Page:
At a time when the majority of oppositionists recognize the constant communion with Jordan and its MOC, they underestimate the extent of the influence it actually exercises, “which, had it been present, arms and ammunitions would have flown to repel the attacks in Deir al-Adas, Hebbariye, and other locations that have fallen into the Syrian army's grip,” according to those oppositionists. 

Yet, an opposition source told As-Safir that the operations room — stationed near the Syrian border north of Jordan — was actually able to thwart some of the battles, such as the attack on Syria’s Air Force Intelligence headquarters last spring, the seize of the grain silos and the Gharz central prison, and the creeping towards the Nasib border crossing. Moreover, arms and ammunition warehouses are open only to specific operations and at specific times. This also explains how fast some of the battles start and end.

Brigades, armies and alliances

After the risk of an Islamic State (IS) expansion towards the plains of Horan was stymied months ago, the restructuring of factions have begun, whereby they now assemble into new entities while keeping their ties with the Free Syrian Army (FSA) and the General Staff. Surprisingly, though, according to an opposition source from the field, these confluences are considered mere ink on paper, while in reality, each of their entities operates independently and does not accept to engage with the rest. A case-in-point is the Hawks of the South — a Free Syrian Army Rebel Coalition Group — which has under its umbrella four groups, namely the Yarmouk Army, the Black Islam Brigade, the Fallujah of Houran Brigade and the 18 March Division.

The Yarmouk army, headed by Bashar al-Zoubi, had previously led many battles at the directives of Amman. On the other hand, the Fallujah Horan Brigade was established following the collapse of a brigade bearing the same name and led by Yasser al-Abboud — who was killed by a shell during a battle in the city of Tafas. Although both brigades agreed to become subsumed under the same banner, reports indicate that they have had strained relations.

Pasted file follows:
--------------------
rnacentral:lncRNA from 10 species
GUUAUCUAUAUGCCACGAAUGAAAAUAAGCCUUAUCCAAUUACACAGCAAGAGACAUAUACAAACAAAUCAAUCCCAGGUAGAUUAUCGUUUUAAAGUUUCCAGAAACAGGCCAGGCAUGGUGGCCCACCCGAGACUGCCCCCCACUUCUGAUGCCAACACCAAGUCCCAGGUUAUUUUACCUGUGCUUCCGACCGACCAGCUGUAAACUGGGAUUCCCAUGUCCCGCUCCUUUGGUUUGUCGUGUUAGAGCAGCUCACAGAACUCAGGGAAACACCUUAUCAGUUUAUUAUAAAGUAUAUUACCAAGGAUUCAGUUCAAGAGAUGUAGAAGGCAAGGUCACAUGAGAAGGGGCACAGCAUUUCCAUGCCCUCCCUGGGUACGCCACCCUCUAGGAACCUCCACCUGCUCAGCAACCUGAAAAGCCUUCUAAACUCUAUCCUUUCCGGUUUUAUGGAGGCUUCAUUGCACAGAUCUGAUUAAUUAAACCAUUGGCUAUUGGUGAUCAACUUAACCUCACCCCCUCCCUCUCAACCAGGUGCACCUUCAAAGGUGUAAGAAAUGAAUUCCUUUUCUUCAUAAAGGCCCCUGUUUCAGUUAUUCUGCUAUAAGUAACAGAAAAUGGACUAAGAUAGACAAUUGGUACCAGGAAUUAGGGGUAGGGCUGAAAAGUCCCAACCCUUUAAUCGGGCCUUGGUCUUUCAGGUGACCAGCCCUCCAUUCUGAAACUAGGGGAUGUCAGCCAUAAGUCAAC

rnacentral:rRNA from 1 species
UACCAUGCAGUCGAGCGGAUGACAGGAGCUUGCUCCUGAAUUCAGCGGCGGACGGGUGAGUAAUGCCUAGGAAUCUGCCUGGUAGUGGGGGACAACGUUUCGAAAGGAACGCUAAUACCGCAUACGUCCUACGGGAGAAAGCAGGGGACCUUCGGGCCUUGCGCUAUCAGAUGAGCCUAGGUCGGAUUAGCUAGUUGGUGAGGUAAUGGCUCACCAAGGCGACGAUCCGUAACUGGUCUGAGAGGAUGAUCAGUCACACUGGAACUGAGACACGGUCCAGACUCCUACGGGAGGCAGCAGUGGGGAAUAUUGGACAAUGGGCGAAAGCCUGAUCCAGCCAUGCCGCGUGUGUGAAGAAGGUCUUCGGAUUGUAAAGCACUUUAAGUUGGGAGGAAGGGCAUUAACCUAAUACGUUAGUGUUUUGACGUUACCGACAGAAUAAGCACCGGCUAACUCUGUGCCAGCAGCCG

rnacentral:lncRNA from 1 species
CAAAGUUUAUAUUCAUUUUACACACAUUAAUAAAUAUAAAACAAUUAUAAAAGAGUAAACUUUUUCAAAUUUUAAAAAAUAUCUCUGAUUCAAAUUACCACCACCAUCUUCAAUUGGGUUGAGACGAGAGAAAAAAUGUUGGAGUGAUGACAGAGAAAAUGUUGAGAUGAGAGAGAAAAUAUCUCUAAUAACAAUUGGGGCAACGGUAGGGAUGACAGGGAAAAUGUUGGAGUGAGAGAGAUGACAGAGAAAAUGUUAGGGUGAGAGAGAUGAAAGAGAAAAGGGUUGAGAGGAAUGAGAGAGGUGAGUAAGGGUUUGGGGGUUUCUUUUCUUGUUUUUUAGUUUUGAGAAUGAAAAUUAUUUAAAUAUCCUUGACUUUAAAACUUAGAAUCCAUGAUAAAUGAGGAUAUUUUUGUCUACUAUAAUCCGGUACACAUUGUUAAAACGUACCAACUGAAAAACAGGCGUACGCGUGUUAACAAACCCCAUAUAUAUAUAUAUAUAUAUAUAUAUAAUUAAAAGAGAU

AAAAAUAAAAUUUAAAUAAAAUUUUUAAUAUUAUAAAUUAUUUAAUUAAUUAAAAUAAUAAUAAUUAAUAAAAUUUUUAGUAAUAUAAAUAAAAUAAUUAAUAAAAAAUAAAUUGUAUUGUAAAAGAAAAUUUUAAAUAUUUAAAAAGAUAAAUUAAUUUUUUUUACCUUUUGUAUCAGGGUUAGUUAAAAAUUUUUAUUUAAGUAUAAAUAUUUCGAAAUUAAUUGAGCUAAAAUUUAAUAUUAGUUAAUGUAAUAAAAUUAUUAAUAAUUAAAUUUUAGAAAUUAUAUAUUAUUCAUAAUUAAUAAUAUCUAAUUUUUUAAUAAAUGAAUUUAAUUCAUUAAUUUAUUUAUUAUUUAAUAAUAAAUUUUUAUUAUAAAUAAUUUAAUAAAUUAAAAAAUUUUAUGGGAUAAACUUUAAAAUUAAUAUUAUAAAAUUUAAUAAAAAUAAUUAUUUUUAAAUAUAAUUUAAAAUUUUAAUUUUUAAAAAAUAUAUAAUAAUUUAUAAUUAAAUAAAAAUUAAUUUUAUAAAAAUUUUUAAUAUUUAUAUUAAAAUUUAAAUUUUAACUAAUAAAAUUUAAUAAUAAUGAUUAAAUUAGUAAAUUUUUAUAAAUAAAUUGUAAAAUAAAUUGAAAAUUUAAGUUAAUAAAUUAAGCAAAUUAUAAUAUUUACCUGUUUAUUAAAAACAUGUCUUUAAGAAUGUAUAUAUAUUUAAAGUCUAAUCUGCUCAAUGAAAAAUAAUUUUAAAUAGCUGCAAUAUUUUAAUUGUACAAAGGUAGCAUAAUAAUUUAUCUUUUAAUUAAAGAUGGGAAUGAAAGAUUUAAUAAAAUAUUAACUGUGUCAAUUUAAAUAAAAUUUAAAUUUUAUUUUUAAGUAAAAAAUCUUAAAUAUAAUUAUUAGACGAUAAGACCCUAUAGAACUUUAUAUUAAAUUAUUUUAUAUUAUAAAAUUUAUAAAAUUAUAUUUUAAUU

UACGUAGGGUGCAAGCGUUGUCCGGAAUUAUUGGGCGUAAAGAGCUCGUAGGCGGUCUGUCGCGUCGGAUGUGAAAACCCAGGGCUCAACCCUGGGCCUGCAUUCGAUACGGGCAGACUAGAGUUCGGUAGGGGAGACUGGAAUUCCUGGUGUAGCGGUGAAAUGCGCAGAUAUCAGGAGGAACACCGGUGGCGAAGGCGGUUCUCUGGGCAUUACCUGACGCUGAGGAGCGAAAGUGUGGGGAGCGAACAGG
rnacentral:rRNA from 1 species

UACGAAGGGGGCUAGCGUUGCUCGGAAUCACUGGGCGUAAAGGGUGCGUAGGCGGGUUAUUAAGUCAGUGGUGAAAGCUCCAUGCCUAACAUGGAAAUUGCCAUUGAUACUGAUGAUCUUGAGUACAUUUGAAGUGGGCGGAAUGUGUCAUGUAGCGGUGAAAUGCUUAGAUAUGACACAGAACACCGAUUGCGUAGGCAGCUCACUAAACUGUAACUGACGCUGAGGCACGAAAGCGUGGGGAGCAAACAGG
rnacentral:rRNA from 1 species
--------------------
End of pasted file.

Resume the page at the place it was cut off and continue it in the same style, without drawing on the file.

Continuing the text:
The First Corps, led by dissident Ziad al-Hariri, does not seem to be doing any better. It comprises more than 37 battalions and brigades, according to Horan’s journalists. It has also been said that internal clashes have erupted within the corps’ ranks over arms sharing. Reports indicate that the corps prefers to stay away from hot spots. This is especially true, despite information indicating that the group was established based on a direct decision by Amman’s MOC Operations Center.

Furthermore, groups under the Syrian Rebels Front, especially Al-Omari Brigades and Hamza Brigades—led by dissident Saber Safar— have merged their ranks. They have now been deployed in Horan’s western countryside along with the First Artillery Regiment, seeking to establish the “First Army.” These groups are also fighting in Kafr Nasej and are fortifying their locations near Tel al-Hara.

Jabhat al-Nusra

Jabhat al-Nusra has been gradually advancing and expanding in Syria’s hot spots, especially near the occupied Golan Heights.

Following the spread of IS in Deir az-Zor, many of Jabhat al-Nusra’s current and former leaders have left to Daraa, such as Abu Maria al-Kahtani and the new Jordanian leader of the group, Sami Al-Aridi, in addition to Abu Hassan al-Kuwaiti and Abu Osama al-Adnani.

This came in conjunction with the measures taken by Jabhat al-Nusra in an attempt to prove its existence, primarily among its own factions. The group has arrested the head of the al-Nusra’s military council, Ahmed al-Nehme, as well as leader Moussa al-Mousalima, and waged a fierce attack on the Yarmouk Martyrs Brigade in Saham al-Jawlan, after having been accused of swearing allegiance to IS.

Jabhat al-Nusra has had a prominent presence in Daraa, notably when it was at the forefront of western Tel al-Ahmar battles, and also took part in the fighting that broke out in Quneitra, in addition to border regions near Lebanon’s Shebaa Farms. The group also attempted a failed attack on Madinat al-Baath and Khan Arnaba, only to withdraw, leaving the rest of the battalions under the shells of the Syrian regime.